I love Madras (now Chennai), my birth city. Once a quaint little port town, it has now metamorphosed into a bustling metropolis of South India.
Madras was born on August 22, 1639 when Francis Day who belonged to the East India Company bought a small piece of land (where Fort St. George stands now) from the then Vijayanagara king, Penda Venkataraya. The said piece of land was under Darmerla Venkatapathy, a local Nayak ruler who granted permission to the British to build their commercial establishments on his land.
The British built Fort St. George in 1640. As the Madras Day website says, ” Out of the fort grew settlements. Then the villages around it were brought together. And then, the old and new towns linked up. And then we had the city.”
This grand city has a vibrant cultural and historical heritage. Madras boasts of filter kaapi, idli-sambar, kanjivaram sarees, carnatic music, bharathanatyam, beaches, temples, educational institutions, heritage buildings, poets, litterateurs, kolams, Tamil cinema and much more alluring delights. Go to Chennaiheritage.in to know more about the city’s rich culture and heritage.
So, as the Madras Day 2014 celebrations kicked off, I asked my friends and fans on Facebook to suggest children’s books based on Madras and depicted even remotely the people, life, culture, geography and traditions of Madras. Below is the list that I compiled with inputs from my friends and followers.Thank you everyone for helping me compile this booklist.
Flat Track Bullies written by Balaji Venkataramanan, published by Duckbill books is a YA book that traces the life events of a teenage boy in Chennai as he turns his nondescript summer vacation into a thrilling adventure. This book is packed with references to the City’s summer life.
123 I Love Chennai written by Rupa Jacob is a brilliant book that portrays the city through a counting book. Ideal for 1-3 year old children, this book helps them count from 1-10 using photographs of different things unique only to Madras: 10 Filter Coffees and 7 Toppi Dosas!
Where’s the Cat? written and illustrated by Manjula Padmanabhan and published by Tulika. There is no mention of Madras in this book, but the book’s illustrations has strong resemblances to Madras especially the school girls uniform which very similar to Etwarts School’s!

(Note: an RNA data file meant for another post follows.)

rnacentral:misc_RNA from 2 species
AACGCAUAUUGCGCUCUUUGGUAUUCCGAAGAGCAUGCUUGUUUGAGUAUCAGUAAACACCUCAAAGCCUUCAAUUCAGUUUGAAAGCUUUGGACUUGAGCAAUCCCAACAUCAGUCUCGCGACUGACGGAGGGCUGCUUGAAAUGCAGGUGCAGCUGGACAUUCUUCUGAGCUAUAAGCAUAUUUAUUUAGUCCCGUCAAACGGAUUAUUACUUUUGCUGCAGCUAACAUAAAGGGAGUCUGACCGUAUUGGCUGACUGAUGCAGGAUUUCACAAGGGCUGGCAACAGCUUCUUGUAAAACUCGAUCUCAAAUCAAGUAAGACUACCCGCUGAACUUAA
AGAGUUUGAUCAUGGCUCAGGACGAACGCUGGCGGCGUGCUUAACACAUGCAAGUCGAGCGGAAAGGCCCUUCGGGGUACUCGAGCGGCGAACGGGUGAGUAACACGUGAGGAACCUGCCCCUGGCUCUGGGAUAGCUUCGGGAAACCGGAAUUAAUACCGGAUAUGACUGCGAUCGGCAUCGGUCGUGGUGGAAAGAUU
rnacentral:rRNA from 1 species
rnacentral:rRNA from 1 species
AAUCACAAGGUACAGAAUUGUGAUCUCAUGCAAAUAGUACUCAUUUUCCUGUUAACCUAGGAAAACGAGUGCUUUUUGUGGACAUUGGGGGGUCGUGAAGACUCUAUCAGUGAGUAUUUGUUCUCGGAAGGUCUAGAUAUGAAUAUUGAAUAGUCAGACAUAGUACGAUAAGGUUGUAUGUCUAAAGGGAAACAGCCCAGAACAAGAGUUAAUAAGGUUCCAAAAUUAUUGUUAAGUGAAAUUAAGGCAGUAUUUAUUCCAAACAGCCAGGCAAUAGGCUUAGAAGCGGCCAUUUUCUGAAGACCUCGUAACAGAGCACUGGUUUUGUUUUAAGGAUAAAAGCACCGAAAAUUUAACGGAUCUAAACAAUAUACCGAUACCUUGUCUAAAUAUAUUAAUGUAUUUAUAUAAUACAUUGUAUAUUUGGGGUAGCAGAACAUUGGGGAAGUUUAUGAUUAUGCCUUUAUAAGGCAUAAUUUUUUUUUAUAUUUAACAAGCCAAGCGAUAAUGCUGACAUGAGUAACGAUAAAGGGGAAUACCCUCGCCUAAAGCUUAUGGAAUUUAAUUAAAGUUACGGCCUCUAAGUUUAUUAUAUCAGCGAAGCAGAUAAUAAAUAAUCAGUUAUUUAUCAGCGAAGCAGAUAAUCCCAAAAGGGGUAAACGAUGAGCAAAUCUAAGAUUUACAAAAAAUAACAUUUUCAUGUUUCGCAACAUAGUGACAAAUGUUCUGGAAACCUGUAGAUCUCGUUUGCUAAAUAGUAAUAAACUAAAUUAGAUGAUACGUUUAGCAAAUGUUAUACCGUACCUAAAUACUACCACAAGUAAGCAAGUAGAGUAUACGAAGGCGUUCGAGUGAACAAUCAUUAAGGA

The Dog Who Wanted More written by Soumya Rajendran and Arun Kumar Kaushik is the latest and the first middle grade title published by Karadi Tales. The story is set in Chennai.
Mayil Will Not Be Quiet written by Sowmya Rajendran and Niveditha Subramaniam, illustrated by Niveditha Subramaniam and published by Tulika Books. This is a pre-teen story about Mayil Ganeshan. From Saroja Patti to Rajinikanth movies – two things very Madras – Mayil has an strong opinion on everything. And where does she give vent give to all her thoughts? In her diary, of course.
My Friend the Sea written by Sandhya Rao and illustrated by Karuna Sesh and Pervez Bhagat is a book about a little boy’s feelings about the sea, after the city is ravaged by its fury in the 2004 Tsunami.
Trash! On Ragpicker Children and Recycling written by Gita Wolf and Anushka Ravishankar, illustrated by Orijit Sen and published by Tara Book depicts Madras, the city through the eyes of a ragpicker boy as he lives on its streets and ekes out a living, picking trash from its alleys.
Excuse Me, Is This India? written by Anushka Ravishankar and Anita Leutwiler, published by Tara Book is brilliant book to introduce kids to the people, places, sights and sounds of India and of course, Madras too. This book has been illustrated using quilts made from Indian fabrics.
Mylapore (out of print) by Tara Books, is a book that features children’s views about Mylapore, a prominent neighbourhood of Madras.
That’s all for now. Do you know any more books based on Madras/Chennai? Do let me know please.